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MOFAIR, the association of German private passenger operators, has called for DB Network to reduce track access charges by 20% in compensation for recent poor infrastructure performance.
“In view of the massive economic consequences that poor infrastructure has for the users of the network, it would be very decent of DB Network to unilaterally forego a flat rate of 20% of train path revenue for the time being,” says Mofair president, Mr Tobias Heinemann.
“If the roof is leaking, a tenant would not have to pay the full rent.”
Mofair says that the delays and cancellations currently being experienced by passengers and freight customers are particularly devastating at this time when the rail industry needs to be seen as a credible solution to mitigating climate rather than a problem.
The government’s recent initiative to promote rail travel through the introduction of a €9 monthly ticket has also put the efficiency of the rail system in the spotlight, the association says.
According to Mofair, the lack of coordination between DB Network’s ongoing work programmes has been highlighted by recent incidents including the closure of all routes between Berlin and the Baltic one weekend.
Ukrainian grain stranded
It also cites a freight train carrying grain from Ukraine, which was stranded at Bad Schandau on the Czech border for three weeks as no alternative route was available to avoid infrastructure work.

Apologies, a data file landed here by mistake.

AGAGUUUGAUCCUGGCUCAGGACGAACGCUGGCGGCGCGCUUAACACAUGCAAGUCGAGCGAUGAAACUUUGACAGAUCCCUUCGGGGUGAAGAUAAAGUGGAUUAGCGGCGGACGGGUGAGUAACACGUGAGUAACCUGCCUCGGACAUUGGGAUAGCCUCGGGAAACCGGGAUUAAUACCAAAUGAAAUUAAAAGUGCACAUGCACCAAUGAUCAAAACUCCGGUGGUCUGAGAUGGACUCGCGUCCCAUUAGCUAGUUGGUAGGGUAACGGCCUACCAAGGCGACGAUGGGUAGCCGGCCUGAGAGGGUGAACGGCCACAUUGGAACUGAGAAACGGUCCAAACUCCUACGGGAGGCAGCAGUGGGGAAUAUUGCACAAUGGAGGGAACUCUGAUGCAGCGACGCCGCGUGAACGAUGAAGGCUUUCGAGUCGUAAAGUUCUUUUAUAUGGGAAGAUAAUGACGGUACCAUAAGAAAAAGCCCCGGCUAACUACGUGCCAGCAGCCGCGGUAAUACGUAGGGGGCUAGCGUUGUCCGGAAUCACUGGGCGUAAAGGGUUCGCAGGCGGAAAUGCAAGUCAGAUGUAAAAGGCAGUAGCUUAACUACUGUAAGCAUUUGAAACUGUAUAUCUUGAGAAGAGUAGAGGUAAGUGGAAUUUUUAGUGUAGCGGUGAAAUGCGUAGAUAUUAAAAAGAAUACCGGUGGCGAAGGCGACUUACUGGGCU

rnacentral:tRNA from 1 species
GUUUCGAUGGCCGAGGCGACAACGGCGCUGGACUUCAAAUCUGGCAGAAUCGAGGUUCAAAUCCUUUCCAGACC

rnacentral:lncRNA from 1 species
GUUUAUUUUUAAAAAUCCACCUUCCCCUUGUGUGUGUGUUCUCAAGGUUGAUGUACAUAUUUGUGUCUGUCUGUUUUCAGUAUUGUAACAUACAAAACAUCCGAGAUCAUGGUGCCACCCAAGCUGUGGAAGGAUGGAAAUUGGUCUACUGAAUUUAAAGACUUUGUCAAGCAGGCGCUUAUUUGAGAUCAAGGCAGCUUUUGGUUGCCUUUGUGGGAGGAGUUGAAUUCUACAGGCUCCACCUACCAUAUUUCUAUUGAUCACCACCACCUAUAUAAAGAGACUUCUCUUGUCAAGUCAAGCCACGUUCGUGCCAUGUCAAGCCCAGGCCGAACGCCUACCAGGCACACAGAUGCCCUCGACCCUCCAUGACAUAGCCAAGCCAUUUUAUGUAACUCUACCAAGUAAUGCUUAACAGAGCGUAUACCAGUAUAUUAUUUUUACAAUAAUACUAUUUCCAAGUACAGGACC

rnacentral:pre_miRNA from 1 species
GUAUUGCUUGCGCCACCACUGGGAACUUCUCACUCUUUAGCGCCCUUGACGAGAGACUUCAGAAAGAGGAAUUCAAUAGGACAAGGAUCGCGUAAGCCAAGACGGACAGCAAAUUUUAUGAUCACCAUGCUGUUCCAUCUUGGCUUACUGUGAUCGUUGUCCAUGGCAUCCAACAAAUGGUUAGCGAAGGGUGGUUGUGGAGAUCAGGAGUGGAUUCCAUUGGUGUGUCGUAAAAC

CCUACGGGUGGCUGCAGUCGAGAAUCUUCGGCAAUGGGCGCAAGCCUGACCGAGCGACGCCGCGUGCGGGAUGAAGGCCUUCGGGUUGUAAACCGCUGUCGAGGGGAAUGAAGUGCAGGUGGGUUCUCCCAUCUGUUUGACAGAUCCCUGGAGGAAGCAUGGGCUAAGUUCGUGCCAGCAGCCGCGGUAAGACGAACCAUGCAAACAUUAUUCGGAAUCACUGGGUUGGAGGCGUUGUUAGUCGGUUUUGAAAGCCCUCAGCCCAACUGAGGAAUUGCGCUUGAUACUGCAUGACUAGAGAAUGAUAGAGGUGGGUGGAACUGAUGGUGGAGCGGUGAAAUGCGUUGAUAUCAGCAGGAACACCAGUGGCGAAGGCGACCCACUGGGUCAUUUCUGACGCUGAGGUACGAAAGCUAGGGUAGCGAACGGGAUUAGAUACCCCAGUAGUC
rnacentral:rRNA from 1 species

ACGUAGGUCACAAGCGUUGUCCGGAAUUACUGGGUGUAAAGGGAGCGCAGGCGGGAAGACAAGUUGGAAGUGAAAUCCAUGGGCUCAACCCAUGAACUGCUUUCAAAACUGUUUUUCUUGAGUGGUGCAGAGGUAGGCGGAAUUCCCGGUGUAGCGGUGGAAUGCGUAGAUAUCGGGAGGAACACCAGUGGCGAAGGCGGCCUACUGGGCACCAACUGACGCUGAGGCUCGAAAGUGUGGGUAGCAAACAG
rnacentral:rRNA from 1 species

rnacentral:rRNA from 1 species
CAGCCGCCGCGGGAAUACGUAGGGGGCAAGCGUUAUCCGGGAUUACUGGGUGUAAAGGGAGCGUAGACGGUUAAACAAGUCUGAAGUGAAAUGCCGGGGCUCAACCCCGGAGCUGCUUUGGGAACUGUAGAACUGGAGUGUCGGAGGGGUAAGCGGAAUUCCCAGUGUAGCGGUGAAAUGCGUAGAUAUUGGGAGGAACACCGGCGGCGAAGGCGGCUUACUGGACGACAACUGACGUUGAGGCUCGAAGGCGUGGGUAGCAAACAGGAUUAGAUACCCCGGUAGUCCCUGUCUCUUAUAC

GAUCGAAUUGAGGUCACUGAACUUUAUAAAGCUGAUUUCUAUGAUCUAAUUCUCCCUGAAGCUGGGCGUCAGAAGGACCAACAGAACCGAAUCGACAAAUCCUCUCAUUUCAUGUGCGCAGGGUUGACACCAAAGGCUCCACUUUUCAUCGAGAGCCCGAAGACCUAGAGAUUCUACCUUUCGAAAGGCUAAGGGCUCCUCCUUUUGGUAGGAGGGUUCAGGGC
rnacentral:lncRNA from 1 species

In February 2021 the Federal Court of Justice ruled that DB Network is liable for the economic damage caused by the poor performance of its rail infrastructure.
The courts have yet to determine to what extent this would apply, but the economic consequences of poor infrastructure are significant, Mofair points out.
Mofair’s members include Abellio, Flixtrain, Go-Ahead, MEV, National Express, Netinera, RDC Germany and Transdev.
The association notes that in the case of local passenger services operated under contract, the fees that the public transport authority pays to the operator are reduced if a certain punctuality threshold is not reached, regardless of whether the operator has any control over the cause of the delay or not.
In the case of long-distance passenger traffic and freight sector, “constant delays simply result in less revenue,” says Mofair. Passengers stay away, while freight customers simply move their consignments back to road.
Mofair describes the current stare of rail infrastructure as “catastrophic” in places and says that the management of DB Network is to blame for the lack of coordination between the projects it is undertaking and its own regional departments.
There is also a lack of spare parts, the constant inability of DB Network to meet its own project deadlines and staffing issues that have left signalboxes unmanned, says Mofair.
This article first appeared on www.railjournal.com
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